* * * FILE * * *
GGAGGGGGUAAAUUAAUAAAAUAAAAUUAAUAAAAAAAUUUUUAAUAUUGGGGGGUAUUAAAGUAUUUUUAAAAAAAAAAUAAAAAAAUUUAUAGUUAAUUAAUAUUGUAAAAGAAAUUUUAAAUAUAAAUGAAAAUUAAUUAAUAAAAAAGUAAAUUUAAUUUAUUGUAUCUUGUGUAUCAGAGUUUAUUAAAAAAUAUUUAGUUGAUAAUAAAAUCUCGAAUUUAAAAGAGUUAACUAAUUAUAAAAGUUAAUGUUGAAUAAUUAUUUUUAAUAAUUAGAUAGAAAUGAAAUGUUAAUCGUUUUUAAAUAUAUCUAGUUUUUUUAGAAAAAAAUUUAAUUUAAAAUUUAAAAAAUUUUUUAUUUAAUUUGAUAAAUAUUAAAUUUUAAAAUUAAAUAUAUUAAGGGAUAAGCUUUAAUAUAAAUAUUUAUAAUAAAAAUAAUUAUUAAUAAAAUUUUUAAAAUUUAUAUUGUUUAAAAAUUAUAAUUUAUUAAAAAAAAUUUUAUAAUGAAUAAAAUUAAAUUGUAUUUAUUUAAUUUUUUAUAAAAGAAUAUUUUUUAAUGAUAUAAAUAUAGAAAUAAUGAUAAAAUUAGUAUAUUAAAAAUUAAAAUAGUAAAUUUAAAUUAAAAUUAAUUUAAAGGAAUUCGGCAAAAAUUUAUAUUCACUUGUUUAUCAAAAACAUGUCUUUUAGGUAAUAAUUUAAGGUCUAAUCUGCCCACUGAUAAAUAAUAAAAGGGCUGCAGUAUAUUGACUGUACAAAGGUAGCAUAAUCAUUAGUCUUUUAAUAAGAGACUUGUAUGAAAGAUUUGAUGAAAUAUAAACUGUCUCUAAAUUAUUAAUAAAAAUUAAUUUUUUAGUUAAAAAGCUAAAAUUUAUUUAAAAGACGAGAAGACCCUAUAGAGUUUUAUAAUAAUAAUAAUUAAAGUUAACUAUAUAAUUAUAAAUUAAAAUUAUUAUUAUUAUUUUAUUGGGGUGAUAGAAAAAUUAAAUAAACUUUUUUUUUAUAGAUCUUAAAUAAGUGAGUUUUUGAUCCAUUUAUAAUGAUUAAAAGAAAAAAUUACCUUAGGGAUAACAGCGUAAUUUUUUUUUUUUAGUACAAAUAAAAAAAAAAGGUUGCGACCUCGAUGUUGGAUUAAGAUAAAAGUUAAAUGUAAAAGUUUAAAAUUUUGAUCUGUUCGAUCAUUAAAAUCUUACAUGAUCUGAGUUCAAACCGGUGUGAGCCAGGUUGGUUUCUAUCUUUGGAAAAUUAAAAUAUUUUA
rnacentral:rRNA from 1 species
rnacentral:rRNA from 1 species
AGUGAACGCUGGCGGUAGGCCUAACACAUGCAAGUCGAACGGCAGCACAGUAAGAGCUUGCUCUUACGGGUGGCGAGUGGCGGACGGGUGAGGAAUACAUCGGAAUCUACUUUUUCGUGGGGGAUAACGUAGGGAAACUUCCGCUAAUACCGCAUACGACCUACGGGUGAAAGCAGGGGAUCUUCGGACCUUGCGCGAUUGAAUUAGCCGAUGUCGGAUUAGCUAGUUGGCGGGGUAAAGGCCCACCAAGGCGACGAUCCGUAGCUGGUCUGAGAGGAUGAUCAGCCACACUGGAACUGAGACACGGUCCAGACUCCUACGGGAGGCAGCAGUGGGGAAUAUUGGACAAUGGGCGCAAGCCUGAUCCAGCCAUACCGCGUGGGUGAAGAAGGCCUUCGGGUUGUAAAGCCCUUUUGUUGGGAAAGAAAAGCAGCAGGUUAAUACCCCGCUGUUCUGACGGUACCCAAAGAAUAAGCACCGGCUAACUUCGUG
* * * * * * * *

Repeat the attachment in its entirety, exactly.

GGAGGGGGUAAAUUAAUAAAAUAAAAUUAAUAAAAAAAUUUUUAAUAUUGGGGGGUAUUAAAGUAUUUUUAAAAAAAAAAUAAAAAAAUUUAUAGUUAAUUAAUAUUGUAAAAGAAAUUUUAAAUAUAAAUGAAAAUUAAUUAAUAAAAAAGUAAAUUUAAUUUAUUGUAUCUUGUGUAUCAGAGUUUAUUAAAAAAUAUUUAGUUGAUAAUAAAAUCUCGAAUUUAAAAGAGUUAACUAAUUAUAAAAGUUAAUGUUGAAUAAUUAUUUUUAAUAAUUAGAUAGAAAUGAAAUGUUAAUCGUUUUUAAAUAUAUCUAGUUUUUUUAGAAAAAAAUUUAAUUUAAAAUUUAAAAAAUUUUUUAUUUAAUUUGAUAAAUAUUAAAUUUUAAAAUUAAAUAUAUUAAGGGAUAAGCUUUAAUAUAAAUAUUUAUAAUAAAAAUAAUUAUUAAUAAAAUUUUUAAAAUUUAUAUUGUUUAAAAAUUAUAAUUUAUUAAAAAAAAUUUUAUAAUGAAUAAAAUUAAAUUGUAUUUAUUUAAUUUUUUAUAAAAGAAUAUUUUUUAAUGAUAUAAAUAUAGAAAUAAUGAUAAAAUUAGUAUAUUAAAAAUUAAAAUAGUAAAUUUAAAUUAAAAUUAAUUUAAAGGAAUUCGGCAAAAAUUUAUAUUCACUUGUUUAUCAAAAACAUGUCUUUUAGGUAAUAAUUUAAGGUCUAAUCUGCCCACUGAUAAAUAAUAAAAGGGCUGCAGUAUAUUGACUGUACAAAGGUAGCAUAAUCAUUAGUCUUUUAAUAAGAGACUUGUAUGAAAGAUUUGAUGAAAUAUAAACUGUCUCUAAAUUAUUAAUAAAAAUUAAUUUUUUAGUUAAAAAGCUAAAAUUUAUUUAAAAGACGAGAAGACCCUAUAGAGUUUUAUAAUAAUAAUAAUUAAAGUUAACUAUAUAAUUAUAAAUUAAAAUUAUUAUUAUUAUUUUAUUGGGGUGAUAGAAAAAUUAAAUAAACUUUUUUUUUAUAGAUCUUAAAUAAGUGAGUUUUUGAUCCAUUUAUAAUGAUUAAAAGAAAAAAUUACCUUAGGGAUAACAGCGUAAUUUUUUUUUUUUAGUACAAAUAAAAAAAAAAGGUUGCGACCUCGAUGUUGGAUUAAGAUAAAAGUUAAAUGUAAAAGUUUAAAAUUUUGAUCUGUUCGAUCAUUAAAAUCUUACAUGAUCUGAGUUCAAACCGGUGUGAGCCAGGUUGGUUUCUAUCUUUGGAAAAUUAAAAUAUUUUA
rnacentral:rRNA from 1 species
rnacentral:rRNA from 1 species
AGUGAACGCUGGCGGUAGGCCUAACACAUGCAAGUCGAACGGCAGCACAGUAAGAGCUUGCUCUUACGGGUGGCGAGUGGCGGACGGGUGAGGAAUACAUCGGAAUCUACUUUUUCGUGGGGGAUAACGUAGGGAAACUUCCGCUAAUACCGCAUACGACCUACGGGUGAAAGCAGGGGAUCUUCGGACCUUGCGCGAUUGAAUUAGCCGAUGUCGGAUUAGCUAGUUGGCGGGGUAAAGGCCCACCAAGGCGACGAUCCGUAGCUGGUCUGAGAGGAUGAUCAGCCACACUGGAACUGAGACACGGUCCAGACUCCUACGGGAGGCAGCAGUGGGGAAUAUUGGACAAUGGGCGCAAGCCUGAUCCAGCCAUACCGCGUGGGUGAAGAAGGCCUUCGGGUUGUAAAGCCCUUUUGUUGGGAAAGAAAAGCAGCAGGUUAAUACCCCGCUGUUCUGACGGUACCCAAAGAAUAAGCACCGGCUAACUUCGUG